Virginia General Assembly Considering Legislation To Limit Liability for Disclosing Threats of Workplace Violence

Kollman & Saucier
Kollman & Saucier

On January 17, 2018, Delegate Chris Hurst of Blacksburg  introduced legislation that would grant civil immunity to employers who share information about violent acts or threats made by current or former employees to prospective employers or law enforcement agencies.   The proposed legislation, House Bill No. 1457, would also grant civil immunity to employers who rely upon such information in hiring decisions.

The bill would protect employers who disclose information about potential threats from civil liability so long as the employer did not act in bad faith and acted “in good faith and with reasonable cause.”   There would be a presumption that the disclosing employer acted in good faith, subject to rebuttal if the employee can show by clear and convincing evidence that the employer knew the information was false or acted with reckless disregard for its truth or falsity.  Likewise, an employer who does not hire an applicant based upon a disclosure made pursuant to this law is immune so long as they “take[] reasonable action in good faith to respond to the violent or threatened violent behavior noted in such report.”  Under HB 1457, an employer who succeeds in getting a lawsuit against it dismissed pursuant to this statutory immunity is entitled to recover reasonable attorneys fees and costs.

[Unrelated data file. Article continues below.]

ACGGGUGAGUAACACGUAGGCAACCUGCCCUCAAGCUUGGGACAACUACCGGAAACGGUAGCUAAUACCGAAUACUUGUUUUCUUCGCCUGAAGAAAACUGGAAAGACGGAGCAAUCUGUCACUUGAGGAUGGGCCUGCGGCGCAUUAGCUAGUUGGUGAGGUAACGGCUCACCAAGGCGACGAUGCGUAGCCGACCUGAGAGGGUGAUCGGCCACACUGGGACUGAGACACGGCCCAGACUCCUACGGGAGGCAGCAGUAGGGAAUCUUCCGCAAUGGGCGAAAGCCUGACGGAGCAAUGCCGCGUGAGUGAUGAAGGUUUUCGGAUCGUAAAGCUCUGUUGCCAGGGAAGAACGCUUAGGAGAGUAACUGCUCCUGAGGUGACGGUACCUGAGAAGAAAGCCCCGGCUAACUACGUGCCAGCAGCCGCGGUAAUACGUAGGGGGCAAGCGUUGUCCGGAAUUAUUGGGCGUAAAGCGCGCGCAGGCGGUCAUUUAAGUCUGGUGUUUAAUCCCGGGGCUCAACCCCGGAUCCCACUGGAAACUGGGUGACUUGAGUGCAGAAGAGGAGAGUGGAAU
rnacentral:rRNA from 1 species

The bill’s sponsor, Delegate Hurst, was dating Roanoke WDBJ television reporter Alison Parker when she was shot and killed by a former co-worker in 2015. The assailant, Vester Flanagan, had been fired by WDBJ in 2013 after displaying erratic behavior which made co-workers uncomfortable. Flanagan reportedly  had had a  troubled employment history of which WDBJ was unaware when it hired him.

HB 1457 has been assigned to the House Courts of Justice  Subcommittee.  It is too early to assess its prospects for passage.

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